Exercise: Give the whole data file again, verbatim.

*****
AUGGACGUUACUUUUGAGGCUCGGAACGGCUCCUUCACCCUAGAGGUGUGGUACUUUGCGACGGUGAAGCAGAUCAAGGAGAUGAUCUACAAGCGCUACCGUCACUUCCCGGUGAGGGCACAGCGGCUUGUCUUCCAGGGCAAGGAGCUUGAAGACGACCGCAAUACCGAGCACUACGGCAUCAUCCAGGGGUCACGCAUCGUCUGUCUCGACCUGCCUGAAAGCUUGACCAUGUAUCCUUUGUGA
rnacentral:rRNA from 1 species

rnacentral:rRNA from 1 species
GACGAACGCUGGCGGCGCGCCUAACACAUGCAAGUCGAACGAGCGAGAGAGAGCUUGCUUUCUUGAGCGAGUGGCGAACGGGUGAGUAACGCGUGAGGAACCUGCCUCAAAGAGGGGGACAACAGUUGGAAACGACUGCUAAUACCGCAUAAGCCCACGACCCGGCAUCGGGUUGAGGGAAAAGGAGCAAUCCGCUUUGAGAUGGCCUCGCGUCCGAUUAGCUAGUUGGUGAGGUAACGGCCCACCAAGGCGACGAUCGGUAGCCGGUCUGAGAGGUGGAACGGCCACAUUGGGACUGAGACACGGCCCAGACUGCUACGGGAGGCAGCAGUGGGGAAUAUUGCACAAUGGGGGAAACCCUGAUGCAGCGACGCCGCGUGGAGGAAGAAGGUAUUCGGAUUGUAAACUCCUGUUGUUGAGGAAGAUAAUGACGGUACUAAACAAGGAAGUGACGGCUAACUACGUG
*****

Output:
AUGGACGUUACUUUUGAGGCUCGGAACGGCUCCUUCACCCUAGAGGUGUGGUACUUUGCGACGGUGAAGCAGAUCAAGGAGAUGAUCUACAAGCGCUACCGUCACUUCCCGGUGAGGGCACAGCGGCUUGUCUUCCAGGGCAAGGAGCUUGAAGACGACCGCAAUACCGAGCACUACGGCAUCAUCCAGGGGUCACGCAUCGUCUGUCUCGACCUGCCUGAAAGCUUGACCAUGUAUCCUUUGUGA
rnacentral:rRNA from 1 species

rnacentral:rRNA from 1 species
GACGAACGCUGGCGGCGCGCCUAACACAUGCAAGUCGAACGAGCGAGAGAGAGCUUGCUUUCUUGAGCGAGUGGCGAACGGGUGAGUAACGCGUGAGGAACCUGCCUCAAAGAGGGGGACAACAGUUGGAAACGACUGCUAAUACCGCAUAAGCCCACGACCCGGCAUCGGGUUGAGGGAAAAGGAGCAAUCCGCUUUGAGAUGGCCUCGCGUCCGAUUAGCUAGUUGGUGAGGUAACGGCCCACCAAGGCGACGAUCGGUAGCCGGUCUGAGAGGUGGAACGGCCACAUUGGGACUGAGACACGGCCCAGACUGCUACGGGAGGCAGCAGUGGGGAAUAUUGCACAAUGGGGGAAACCCUGAUGCAGCGACGCCGCGUGGAGGAAGAAGGUAUUCGGAUUGUAAACUCCUGUUGUUGAGGAAGAUAAUGACGGUACUAAACAAGGAAGUGACGGCUAACUACGUG